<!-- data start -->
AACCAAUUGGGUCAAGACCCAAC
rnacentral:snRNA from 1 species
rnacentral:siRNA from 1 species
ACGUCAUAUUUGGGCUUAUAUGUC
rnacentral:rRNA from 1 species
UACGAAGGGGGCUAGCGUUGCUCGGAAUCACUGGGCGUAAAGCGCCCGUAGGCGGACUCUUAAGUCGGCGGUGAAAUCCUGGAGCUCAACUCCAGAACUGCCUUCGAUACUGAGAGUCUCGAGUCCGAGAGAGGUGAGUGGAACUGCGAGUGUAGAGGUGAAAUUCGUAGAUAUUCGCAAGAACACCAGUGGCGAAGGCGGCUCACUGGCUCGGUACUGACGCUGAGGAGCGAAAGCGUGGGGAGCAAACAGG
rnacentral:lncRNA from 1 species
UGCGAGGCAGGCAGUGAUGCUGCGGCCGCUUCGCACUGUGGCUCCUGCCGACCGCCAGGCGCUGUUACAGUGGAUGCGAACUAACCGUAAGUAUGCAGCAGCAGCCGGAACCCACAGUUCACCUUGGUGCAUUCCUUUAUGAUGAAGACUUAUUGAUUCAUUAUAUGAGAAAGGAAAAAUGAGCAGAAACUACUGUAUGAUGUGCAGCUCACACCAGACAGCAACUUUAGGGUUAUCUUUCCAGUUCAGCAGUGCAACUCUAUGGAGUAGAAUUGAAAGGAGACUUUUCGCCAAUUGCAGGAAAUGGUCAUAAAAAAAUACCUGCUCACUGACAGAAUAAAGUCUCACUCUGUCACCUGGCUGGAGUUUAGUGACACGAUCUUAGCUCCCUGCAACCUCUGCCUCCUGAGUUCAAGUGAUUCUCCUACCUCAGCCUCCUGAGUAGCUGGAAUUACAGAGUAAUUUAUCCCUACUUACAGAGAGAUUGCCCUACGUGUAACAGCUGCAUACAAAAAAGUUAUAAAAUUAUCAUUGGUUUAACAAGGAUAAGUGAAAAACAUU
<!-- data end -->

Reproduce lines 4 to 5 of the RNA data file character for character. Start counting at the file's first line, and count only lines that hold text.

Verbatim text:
ACGUCAUAUUUGGGCUUAUAUGUC
rnacentral:rRNA from 1 species